The Uprising Memorial, is a memorial to those who rose against the Maharaja in 1947. It includes the graves of the local heroes, Mohammed Babar Khan and Safiullah Beg of the Gilgit Scouts, and Mirza Hassan Khan of the Kashmir Infantry.
At Partition, many had anticipated Maharaja Hari Singh's eventual accession to India. A clique of Muslim officers in the Maharaja's own army, led by Colonel Mirza Hassan Khan, had been conspiring to seize Kashmir for Pakistan, but word had got out and Hassan was transferred to Kashmir's 'Siberia', the Bunji garrison south of Gilgit.
Meanwhile, the Gilgit Scouts' Major Mohammed Babar Khan and several fellow officers (and, according to some, their British commander) had hatched their own rebellion.
Within days of the Maharaja's decision, a mob gathered in Gilgit from neighbouring valleys. The governor called Bunji for help, and who should be among the reinforcements but Colonel Hassan. On 1 November Babar Khan arrested Governor Ghansar Singh and the rebels asked to join Pakistan.
Within a few days the Scouts, with Muslim soldiers of the Kashmiri army, joined the war with India. In the following months the Scouts took Baltistan, and Hassan got to the outskirts of Srinagar.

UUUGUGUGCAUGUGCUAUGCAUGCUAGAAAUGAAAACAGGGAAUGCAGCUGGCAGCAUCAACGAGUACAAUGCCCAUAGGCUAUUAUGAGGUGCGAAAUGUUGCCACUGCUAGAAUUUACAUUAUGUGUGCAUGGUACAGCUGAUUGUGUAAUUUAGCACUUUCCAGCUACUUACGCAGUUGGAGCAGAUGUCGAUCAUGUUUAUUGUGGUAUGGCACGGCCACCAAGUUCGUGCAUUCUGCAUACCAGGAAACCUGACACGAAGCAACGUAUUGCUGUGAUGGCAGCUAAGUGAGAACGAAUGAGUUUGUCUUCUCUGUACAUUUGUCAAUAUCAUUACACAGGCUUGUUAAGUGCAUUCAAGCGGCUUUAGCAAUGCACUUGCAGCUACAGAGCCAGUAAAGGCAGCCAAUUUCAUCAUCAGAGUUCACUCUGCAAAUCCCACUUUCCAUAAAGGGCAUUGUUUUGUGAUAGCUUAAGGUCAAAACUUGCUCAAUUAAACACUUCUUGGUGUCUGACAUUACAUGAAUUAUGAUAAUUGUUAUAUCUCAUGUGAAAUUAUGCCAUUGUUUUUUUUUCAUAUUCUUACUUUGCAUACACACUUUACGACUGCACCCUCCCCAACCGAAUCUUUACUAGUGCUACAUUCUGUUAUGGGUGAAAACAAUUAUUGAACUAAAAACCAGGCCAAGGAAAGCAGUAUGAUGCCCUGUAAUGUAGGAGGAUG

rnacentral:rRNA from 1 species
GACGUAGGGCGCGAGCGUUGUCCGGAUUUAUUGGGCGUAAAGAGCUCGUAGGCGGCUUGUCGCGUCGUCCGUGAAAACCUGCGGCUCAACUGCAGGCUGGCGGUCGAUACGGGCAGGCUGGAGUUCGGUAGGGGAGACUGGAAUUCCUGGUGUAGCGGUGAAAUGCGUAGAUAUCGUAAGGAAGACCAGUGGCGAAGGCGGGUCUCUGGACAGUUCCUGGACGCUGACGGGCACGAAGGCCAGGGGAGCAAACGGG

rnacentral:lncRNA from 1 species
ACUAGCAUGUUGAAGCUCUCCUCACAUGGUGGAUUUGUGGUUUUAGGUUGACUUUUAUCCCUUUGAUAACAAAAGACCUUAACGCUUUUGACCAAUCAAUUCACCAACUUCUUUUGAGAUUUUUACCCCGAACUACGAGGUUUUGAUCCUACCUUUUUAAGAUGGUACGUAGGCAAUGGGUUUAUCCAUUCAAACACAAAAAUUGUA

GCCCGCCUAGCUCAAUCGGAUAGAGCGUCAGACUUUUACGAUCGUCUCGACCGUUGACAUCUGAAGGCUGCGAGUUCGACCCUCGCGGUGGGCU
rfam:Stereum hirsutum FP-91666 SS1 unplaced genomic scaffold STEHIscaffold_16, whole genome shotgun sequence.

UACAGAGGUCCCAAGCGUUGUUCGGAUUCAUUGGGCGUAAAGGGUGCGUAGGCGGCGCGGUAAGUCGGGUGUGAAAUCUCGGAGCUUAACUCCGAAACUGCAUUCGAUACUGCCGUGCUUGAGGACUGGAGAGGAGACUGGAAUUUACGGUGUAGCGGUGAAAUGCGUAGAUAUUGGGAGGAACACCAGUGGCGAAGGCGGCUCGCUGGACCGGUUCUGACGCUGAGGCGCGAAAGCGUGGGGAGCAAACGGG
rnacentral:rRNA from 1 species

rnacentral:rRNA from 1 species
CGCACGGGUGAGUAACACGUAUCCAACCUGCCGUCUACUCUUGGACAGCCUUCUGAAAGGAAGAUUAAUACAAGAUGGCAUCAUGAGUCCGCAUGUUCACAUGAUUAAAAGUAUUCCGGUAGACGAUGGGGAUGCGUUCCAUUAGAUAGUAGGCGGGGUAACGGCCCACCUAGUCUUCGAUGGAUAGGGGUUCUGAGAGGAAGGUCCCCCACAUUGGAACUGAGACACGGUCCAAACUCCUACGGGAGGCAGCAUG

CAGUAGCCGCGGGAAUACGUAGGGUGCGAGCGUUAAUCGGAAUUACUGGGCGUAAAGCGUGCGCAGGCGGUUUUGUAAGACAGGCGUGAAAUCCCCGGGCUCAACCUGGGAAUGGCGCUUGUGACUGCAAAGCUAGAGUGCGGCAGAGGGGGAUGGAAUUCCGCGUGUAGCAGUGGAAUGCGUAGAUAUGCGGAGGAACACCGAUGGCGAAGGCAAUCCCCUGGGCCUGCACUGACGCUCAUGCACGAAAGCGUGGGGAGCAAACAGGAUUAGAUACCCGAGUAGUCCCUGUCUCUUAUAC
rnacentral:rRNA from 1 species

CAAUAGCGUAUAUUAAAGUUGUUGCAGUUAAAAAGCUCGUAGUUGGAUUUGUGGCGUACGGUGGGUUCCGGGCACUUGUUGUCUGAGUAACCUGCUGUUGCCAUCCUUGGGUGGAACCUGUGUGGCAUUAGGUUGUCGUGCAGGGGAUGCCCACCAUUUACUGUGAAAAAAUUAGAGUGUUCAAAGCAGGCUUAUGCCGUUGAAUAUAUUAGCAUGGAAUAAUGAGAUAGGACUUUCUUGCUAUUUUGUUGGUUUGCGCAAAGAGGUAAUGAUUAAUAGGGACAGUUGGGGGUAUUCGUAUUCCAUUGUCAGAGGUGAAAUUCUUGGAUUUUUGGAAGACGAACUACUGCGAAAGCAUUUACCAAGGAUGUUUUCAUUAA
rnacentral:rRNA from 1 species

The fledgling Indian air force at one point bombed Gilgit, no easy task in the narrow valleys. Gilgitis like to tell the story of the Scouts' pipe band, which mocked the Indian pilots by defiantly tootling up and down the airfield the whole time.
Memories of the 'Uprising' are still alive in Gilgit. Hassan, Babar and another leader of the Gilgit Scouts, Maj Safiullah Beg, are buried in Chinar Bagh, and many of their offspring are local politicians and entrepreneurs. Of course, it's not 14 August but 1 November that Gilgit celebrates as Independence Day, with spontaneous music and dancing and a week-long polo tournament. One of the best polo teams every year is from the Gilgit garrison of the Northern Light Infantry (NLI), successor to the Gilgit Scouts.